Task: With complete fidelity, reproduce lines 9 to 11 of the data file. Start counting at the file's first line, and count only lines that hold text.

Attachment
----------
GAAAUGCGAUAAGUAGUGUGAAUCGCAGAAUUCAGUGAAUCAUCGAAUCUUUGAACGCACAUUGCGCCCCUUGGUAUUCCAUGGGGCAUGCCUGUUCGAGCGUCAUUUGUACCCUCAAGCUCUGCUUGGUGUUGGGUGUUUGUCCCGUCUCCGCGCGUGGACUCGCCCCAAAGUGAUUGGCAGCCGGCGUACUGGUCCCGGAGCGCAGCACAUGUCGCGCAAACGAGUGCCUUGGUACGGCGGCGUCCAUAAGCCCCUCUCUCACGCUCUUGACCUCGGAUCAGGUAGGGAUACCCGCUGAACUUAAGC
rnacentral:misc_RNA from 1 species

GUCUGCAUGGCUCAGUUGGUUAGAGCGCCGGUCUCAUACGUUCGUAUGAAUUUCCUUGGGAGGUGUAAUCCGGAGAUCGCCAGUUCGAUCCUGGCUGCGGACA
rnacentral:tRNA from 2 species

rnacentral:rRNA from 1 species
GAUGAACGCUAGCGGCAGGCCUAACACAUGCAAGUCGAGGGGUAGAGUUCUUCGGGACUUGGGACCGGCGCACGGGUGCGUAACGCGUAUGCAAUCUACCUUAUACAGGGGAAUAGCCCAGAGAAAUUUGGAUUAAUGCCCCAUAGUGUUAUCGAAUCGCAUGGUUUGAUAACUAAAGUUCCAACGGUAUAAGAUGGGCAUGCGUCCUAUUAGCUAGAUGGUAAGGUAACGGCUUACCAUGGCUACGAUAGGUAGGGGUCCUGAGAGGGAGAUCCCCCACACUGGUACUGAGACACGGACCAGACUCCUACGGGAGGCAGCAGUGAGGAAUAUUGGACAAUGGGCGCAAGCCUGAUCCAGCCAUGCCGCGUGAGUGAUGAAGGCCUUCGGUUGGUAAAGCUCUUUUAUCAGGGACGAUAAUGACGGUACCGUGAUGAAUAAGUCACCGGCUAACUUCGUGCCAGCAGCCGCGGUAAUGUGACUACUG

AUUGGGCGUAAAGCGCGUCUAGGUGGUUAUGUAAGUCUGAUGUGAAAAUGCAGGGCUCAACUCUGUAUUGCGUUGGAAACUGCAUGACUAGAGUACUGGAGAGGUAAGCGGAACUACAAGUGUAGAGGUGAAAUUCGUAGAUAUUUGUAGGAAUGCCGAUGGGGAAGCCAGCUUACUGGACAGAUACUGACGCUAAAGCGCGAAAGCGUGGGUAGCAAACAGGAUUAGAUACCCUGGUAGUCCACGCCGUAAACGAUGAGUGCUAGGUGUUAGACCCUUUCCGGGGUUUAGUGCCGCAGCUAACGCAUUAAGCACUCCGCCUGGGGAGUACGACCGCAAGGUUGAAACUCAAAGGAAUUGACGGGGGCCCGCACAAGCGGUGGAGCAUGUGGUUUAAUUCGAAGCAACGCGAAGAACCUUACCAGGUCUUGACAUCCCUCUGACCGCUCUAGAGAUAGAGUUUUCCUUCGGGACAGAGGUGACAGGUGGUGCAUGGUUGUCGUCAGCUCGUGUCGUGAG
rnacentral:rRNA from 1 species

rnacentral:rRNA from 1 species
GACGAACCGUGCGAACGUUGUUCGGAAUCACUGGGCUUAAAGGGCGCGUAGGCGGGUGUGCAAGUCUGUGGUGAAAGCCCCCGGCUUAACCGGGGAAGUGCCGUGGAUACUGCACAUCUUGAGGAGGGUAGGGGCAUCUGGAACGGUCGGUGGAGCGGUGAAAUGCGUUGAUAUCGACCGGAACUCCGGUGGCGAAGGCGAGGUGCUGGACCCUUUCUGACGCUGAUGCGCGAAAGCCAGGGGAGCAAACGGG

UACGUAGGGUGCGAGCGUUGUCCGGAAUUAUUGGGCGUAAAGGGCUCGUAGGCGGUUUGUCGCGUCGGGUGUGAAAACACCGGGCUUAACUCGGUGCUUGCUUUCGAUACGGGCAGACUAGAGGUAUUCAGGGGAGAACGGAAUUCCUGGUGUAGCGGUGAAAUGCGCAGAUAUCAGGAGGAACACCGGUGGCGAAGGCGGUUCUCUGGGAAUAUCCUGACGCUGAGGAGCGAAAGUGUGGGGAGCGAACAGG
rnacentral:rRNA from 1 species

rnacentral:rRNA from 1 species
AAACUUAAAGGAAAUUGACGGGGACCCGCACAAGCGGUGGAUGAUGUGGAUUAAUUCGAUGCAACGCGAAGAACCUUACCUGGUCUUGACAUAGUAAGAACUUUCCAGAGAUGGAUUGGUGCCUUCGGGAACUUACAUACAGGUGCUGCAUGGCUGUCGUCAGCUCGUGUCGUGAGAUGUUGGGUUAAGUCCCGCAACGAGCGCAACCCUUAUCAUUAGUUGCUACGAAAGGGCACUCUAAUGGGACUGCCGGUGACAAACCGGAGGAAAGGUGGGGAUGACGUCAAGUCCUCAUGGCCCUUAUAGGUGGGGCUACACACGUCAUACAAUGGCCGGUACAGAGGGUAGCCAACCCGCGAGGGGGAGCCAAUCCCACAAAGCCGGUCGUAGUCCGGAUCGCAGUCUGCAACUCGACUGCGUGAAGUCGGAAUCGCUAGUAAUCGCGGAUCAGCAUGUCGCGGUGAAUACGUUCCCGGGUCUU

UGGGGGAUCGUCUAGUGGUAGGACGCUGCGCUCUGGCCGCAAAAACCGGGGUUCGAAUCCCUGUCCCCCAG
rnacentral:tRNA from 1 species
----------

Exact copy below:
rnacentral:rRNA from 1 species
GACGAACCGUGCGAACGUUGUUCGGAAUCACUGGGCUUAAAGGGCGCGUAGGCGGGUGUGCAAGUCUGUGGUGAAAGCCCCCGGCUUAACCGGGGAAGUGCCGUGGAUACUGCACAUCUUGAGGAGGGUAGGGGCAUCUGGAACGGUCGGUGGAGCGGUGAAAUGCGUUGAUAUCGACCGGAACUCCGGUGGCGAAGGCGAGGUGCUGGACCCUUUCUGACGCUGAUGCGCGAAAGCCAGGGGAGCAAACGGG

UACGUAGGGUGCGAGCGUUGUCCGGAAUUAUUGGGCGUAAAGGGCUCGUAGGCGGUUUGUCGCGUCGGGUGUGAAAACACCGGGCUUAACUCGGUGCUUGCUUUCGAUACGGGCAGACUAGAGGUAUUCAGGGGAGAACGGAAUUCCUGGUGUAGCGGUGAAAUGCGCAGAUAUCAGGAGGAACACCGGUGGCGAAGGCGGUUCUCUGGGAAUAUCCUGACGCUGAGGAGCGAAAGUGUGGGGAGCGAACAGG